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Re: Caudipteryx suffered from osteoarthritis



But really, if somone described arthritis in a squirrel, and said it
was a bird, they're get canned. And considering that there was not so
long ago support for "haemeothermia" uniting birds and mammals, it'd
be /equally/ scientifically valid as what they're doing. (well,
nearly).


On Fri, Jan 6, 2012 at 11:45 AM, Jaime Headden <qi_leong@hotmail.com> wrote:
>
>   It is not the reviewers' job to actually perform science for the authors, 
> or be the one's to make sure the authors are performing science when 
> commenting on a philosophical nature about which of of what I called "the 
> golden line" a taxon is on. Whether the authors call *Caudipteryx zoui* a 
> bird is not, I think, up to scientific purview, although it can be and should 
> be responded to in the fullness of the author's conclusions. This is one of 
> the reasons I prefer tackling work of authors like Lingham-Soliar, who's 
> analysis and methodology are certainly fully within the scientific purview, 
> and thus I can make these kind of sweeping arguments (as I did here: 
> http://qilong.wordpress.com/2009/09/22/lingham-soliars-review-of-chinese-fossil-preservation/
>  ). The definition for a undefined entity "bird" should not be one of those 
> things up for review, though the tendency of the authors to ignore relevant 
> papers can be ... yet no one goes out in print to call them on their s**t. 
> When someone does, this might actually be a legitimate claim against their 
> "process."
>
>   As for sentence length, I've seen longer. Some literature blokes seem to 
> enjoy trying to outdo one another in forming incredibly long sentences. This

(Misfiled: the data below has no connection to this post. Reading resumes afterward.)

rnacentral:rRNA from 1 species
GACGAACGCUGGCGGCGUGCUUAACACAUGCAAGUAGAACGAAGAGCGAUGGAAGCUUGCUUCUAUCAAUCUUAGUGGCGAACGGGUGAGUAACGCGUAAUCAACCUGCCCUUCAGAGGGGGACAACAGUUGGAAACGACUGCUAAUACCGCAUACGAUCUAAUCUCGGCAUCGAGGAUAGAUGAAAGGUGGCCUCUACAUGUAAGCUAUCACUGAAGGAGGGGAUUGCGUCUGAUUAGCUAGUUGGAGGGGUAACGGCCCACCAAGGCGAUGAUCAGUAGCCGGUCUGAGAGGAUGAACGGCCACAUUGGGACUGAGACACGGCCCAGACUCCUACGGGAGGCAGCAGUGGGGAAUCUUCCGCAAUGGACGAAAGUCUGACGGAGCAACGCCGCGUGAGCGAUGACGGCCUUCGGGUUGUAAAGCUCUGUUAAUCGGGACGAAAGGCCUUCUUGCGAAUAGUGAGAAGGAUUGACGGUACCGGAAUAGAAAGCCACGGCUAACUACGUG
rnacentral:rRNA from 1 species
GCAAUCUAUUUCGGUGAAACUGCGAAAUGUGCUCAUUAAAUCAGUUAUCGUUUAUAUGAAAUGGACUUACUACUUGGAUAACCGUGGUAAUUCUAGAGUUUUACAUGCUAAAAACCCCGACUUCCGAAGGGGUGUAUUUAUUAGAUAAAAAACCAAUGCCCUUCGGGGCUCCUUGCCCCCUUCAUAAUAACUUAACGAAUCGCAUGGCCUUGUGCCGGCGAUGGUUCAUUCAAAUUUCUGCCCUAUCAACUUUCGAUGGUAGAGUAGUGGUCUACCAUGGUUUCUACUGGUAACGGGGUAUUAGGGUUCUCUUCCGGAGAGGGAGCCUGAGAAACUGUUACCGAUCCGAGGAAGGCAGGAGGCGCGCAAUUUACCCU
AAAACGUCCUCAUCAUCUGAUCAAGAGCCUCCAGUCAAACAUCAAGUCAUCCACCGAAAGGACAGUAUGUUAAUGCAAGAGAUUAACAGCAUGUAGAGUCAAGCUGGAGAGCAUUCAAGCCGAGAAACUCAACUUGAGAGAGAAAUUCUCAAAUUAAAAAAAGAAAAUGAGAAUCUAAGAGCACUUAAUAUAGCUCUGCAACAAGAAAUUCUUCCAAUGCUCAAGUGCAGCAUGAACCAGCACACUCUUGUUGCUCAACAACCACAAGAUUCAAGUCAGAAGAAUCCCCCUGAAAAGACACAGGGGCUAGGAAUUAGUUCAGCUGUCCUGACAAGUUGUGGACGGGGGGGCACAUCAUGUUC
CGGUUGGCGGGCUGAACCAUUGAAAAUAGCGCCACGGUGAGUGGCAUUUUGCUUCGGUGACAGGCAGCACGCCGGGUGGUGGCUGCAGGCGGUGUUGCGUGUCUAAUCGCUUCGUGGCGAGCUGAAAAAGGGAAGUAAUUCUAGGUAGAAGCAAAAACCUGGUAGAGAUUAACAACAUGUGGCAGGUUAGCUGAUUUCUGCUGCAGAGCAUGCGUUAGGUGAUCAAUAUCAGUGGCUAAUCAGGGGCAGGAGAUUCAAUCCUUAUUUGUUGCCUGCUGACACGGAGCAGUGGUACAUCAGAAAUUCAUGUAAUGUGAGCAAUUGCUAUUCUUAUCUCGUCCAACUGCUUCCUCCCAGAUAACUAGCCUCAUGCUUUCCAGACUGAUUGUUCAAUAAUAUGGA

> one just turned out that way because I was using perentheses and long dashes 
> to break the sentence up.
>
> Cheers,
>
>  Jaime A. Headden
>  The Bite Stuff (site v2)
>  http://qilong.wordpress.com/
>
> "Innocent, unbiased observation is a myth." --- P.B. Medawar (1969)
>
>
> "Ever since man first left his cave and met a stranger with a
> different language and a new way of looking at things, the human race
> has had a dream: to kill him, so we don't have to learn his language or
> his new way of looking at things." --- Zapp Brannigan (Beast With a Billion 
> Backs)
>
>
> ----------------------------------------
>> Date: Fri, 6 Jan 2012 12:43:11 +0100
>> From: david.marjanovic@gmx.at
>> To: dinosaur@usc.edu
>> Subject: Re: Caudipteryx suffered from osteoarthritis
>>
>> > Rothschild is a respected osteo-pathologist and expert on diseases.
>> > [...]
>> >
>> > So it's not so much that _it_ got through review, as much as certain
>> > comments made in the paper (I've not read it, so only dealing with
>> > the remarks made so far from the summary) appear to defy the general
>> > consensus. In which case, it's about having the critics of an idea
>> > get their own fair shake, even if it tends to the more aggrieved or
>> > aggravating in tone or structure, such as Olson's bellicose comments
>> > in a review.
>>
>> But... this is about science. Claims -- all claims, any claims -- must
>> come with an assessment of the evidence, or they're a waste of dead
>> trees. It's the unpaid job of reviewers to catch cases where the authors
>> forgot to do that, and it's the unpaid job of authors to avoid such
>> cases in the first place.
>>
>> > The authors have a theory, which has been in print since at least
>> > 2002 in Sylvia Czerkas' edited "journal" _Dinosaur Museum Journal_
>> > (vol. 1 and none more so far forthcoming), that "birdy dinosaurs"
>> > are, in fact, birds, but not dinosaurs, a controversial view leveled
>> > in Czerkas & Xu (2002) -- in said "journal;" a theory Xu Xing does
>> > not agree with -- where *Archaeovolans repatriatus* (formerly the
>> > avian half of the faked "Archaeoraptor" specimen, which had been also
>> > referred to *Yanornis yandica* and was actually commented upon by the
>> > author(s)) is assessed in regards to the avian dromaeosaurids,
>> > troodontids, and probably oviraptorosaurs.
>>
>> Just for the record, this is one sentence.
>>
>> Also, there is no *Yanornis yandica*. *yandica* is an alleged species of
>> the alleged *Cathayornis*.
>



-- 
Robert J. Schenck
Kingsborough Community College
Physical Sciences Department
S332 ph# 718-368-5792
Follow Me on Twitter: @Schenck
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